17 May 2002

Health care crisis

THE chairman of a rural health project opened by the Prince of Wales told how farmers were distressed and isolated by the foot-and-mouth crisis. Jim Cox, chairman of the Northern Fells Rural Project, said there were 113 confirmed cases of the disease in the area covered by his Cumbrian medical practice.

The project was launched by Prince Charles in November 1999 to meet the health and social needs of the region. But foot-and-mouth made it difficult to provide adequate health care to patients, Dr Cox told the Cumbrian public inquiry at Kendal on Thursday (May 9).

Dr Cox said he was worried by the "mental distress" caused by the crisis, and everyone, almost without exception, had been in grieving. However, although most farmers had restocked, some producers hit by foot-and-mouth were yet to decide whether to continue.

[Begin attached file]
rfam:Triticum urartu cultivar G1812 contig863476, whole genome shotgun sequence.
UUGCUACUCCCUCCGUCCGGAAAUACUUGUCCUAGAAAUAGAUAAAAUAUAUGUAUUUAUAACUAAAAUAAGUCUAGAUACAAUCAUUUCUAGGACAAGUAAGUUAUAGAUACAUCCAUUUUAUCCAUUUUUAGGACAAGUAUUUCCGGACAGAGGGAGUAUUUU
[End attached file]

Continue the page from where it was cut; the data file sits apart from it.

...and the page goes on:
Other farmers had a different mix of livestock than before, said Dr Cox. "The future for farming seems to be to be unresolved. The big farms are getting bigger and the fell farms are continuing in the hope they will be sustained by public policy."

Asked what the long-term health implications were, Dr Cox said the situation was gradually returning to normal. Cricket matches had been planned for this season and social events were making a comeback, said Dr Cox who praised the resilience of the local population. "I think this typifies a strong community," he added.